Shooting blue sky and blue sea, which ND filter?


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dRebelXT

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May 14, 2005
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#1
Going hometown soon so I need to know what ND filter do I choose?
I will go get Cokin structure, but what are the nice filters to get if my objective is
shoot summer day sky and landscapes? Maybe sun rise and sunset also. :)
 

heheapa

Senior Member
Mar 5, 2006
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Pasir Ris, Singapore
#2
I think you should use circular polarizer filter instead of ND filter.

ND filter is designed to reduce the amount of light passing throught the lens so that a longer exposure time is required. So it may give you unwanted under-explosure with same shutterspeed/aparture unless you purposely want to use slower shutter to create blur effect on moving water or etc.

or you can use ND graduates to balance / tune down the sky. sunset graduate may help in sunset shoots as well.
 

Snoweagle

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Jan 26, 2005
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#3
ND filters are meant to reduce the whole pic's amount of light entering, similar to us wearing sunglasses. ND filters can also create the smooth silk-like effects of a flowing stream or waterfall.

U should get a circular polariser instead as these will enhance colours of objects as you wish, such as bluer skies, greener grass, etc. These polarisers will also help u take pics through water and glass to reduce reflections.
 

dRebelXT

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May 14, 2005
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#4
Oh, my title!
I meant graduated ND filter. For afternoon sunlight shots, if I want bright sky and clean
mountains, do I take ND2 or ND4?
Is this correct?
ND2 - 1 stop,
ND4 - 2 stops

http://www.singh-ray.com/shawarticle.html
http://www.earthboundlight.com/phototips/neutral-density-and-graduated-nd.html

Regarding handling of Cokins, is the filter position adjustable? My horizon may be 1/3, 1/2. or even 2/3. Does Cokin holder take this into account?

How are filters stored? My bag is small and might twist and turn during travel. Glasses can not bend so likely to break.
 

Snoweagle

Senior Member
Jan 26, 2005
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#5
If you really want a ND filter, try different grades to suit your needs cos remember by increasing the ND intensity, you are also reducing the shutter speed as less light passes through.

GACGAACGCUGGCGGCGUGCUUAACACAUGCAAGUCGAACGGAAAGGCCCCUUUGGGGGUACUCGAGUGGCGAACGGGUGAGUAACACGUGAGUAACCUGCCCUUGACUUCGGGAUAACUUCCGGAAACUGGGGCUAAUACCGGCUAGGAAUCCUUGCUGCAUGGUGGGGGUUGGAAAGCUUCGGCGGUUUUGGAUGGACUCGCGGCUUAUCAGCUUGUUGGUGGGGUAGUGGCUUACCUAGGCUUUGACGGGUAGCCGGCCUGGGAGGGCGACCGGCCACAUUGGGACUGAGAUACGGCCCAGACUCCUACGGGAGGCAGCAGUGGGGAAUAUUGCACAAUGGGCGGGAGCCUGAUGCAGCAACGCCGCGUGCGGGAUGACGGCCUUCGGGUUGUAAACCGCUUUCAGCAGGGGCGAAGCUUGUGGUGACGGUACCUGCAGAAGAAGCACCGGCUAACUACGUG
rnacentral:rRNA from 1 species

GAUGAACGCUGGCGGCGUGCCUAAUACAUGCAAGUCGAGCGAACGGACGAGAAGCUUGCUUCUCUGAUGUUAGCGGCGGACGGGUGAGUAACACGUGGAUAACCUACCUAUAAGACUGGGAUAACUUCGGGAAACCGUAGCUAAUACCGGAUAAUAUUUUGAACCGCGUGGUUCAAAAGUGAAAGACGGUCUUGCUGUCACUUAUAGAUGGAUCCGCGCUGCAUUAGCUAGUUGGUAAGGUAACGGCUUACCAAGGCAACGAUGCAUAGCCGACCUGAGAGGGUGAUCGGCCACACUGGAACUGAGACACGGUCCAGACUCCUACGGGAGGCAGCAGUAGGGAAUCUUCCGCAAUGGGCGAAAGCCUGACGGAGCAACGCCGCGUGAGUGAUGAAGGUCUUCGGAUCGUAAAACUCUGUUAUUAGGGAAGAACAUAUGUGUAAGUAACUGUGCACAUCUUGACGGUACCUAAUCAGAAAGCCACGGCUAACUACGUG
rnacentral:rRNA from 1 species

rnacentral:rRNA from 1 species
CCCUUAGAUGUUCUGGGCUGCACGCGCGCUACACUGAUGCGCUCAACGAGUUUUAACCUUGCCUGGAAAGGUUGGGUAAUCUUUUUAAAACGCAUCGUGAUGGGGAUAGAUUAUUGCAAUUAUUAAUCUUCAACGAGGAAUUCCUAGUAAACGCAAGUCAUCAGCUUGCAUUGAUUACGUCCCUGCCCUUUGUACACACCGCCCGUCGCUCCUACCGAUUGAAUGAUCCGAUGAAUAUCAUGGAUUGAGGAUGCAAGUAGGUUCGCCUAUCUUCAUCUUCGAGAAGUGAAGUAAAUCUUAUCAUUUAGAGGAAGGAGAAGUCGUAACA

Mezzotint

Senior Member
Dec 27, 2004
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Balestier area
martinliew.zenfolio.com
#6
dRebelXT said:
Oh, my title!
I meant graduated ND filter. For afternoon sunlight shots, if I want bright sky and clean
mountains, do I take ND2 or ND4?
Is this correct?
ND2 - 1 stop,
ND4 - 2 stops

http://www.singh-ray.com/shawarticle.html
http://www.earthboundlight.com/phototips/neutral-density-and-graduated-nd.html

Regarding handling of Cokins, is the filter position adjustable? My horizon may be 1/3, 1/2. or even 2/3. Does Cokin holder take this into account?

How are filters stored? My bag is small and might twist and turn during travel. Glasses can not bend so likely to break.
The usage of circular polarizer is not necessarily all the time as you need to know the best time period of the day to use it. For example in Singapore, the best time period to use Cir. PL in order to obtain a saturated blue sky is from 2:45pm to 4:30pm. Well of cuz it depends on that particular day's weather. If it's too cloudy, you can't get the desired results, but on the other hand the light that falls on other objects will be polarized to give a more vivd colors.

As for Cokin filters, you can use the 'P' system which consists of a filter holder (slot-in type) that holds up to 2 or more filters in combination without risk of vignetting. You just need to get a set of adaptor rings for yr respective lenses to fit different thread size. The Cokin 'P' system filters are made of special coated acrylic sheets and you can get a cheap small CD holder bag to store the filters. You need to wrap around the filters with a soft tissue paper or even microfiber cloth to prevent scratches and foggy mould/spots.

The Cokin P system is possibly the most widely used filter system in the world as it offers a near-perfect compromise between cost, versatility and image quality. A great benefit of this sytem is that polarizing filter rotates in its own narrow slot at the rear of the holder. This means you can use other filters, such as neutral-density graduates at the same time and control the position of both independently - aligning the graduate first, for example, then rotating the polarizer until the desired effect has been obtained.

In yr case, a ND2 with a polarizing filter should do the job with regards to TTL light metering to get the right exposure. I strongly recommend you a book, The Photographer's Guide to Filters by Lee Frost, a comprehensive guide to filters and how to use them. Suitable for photographers of all levels of expertise.
 

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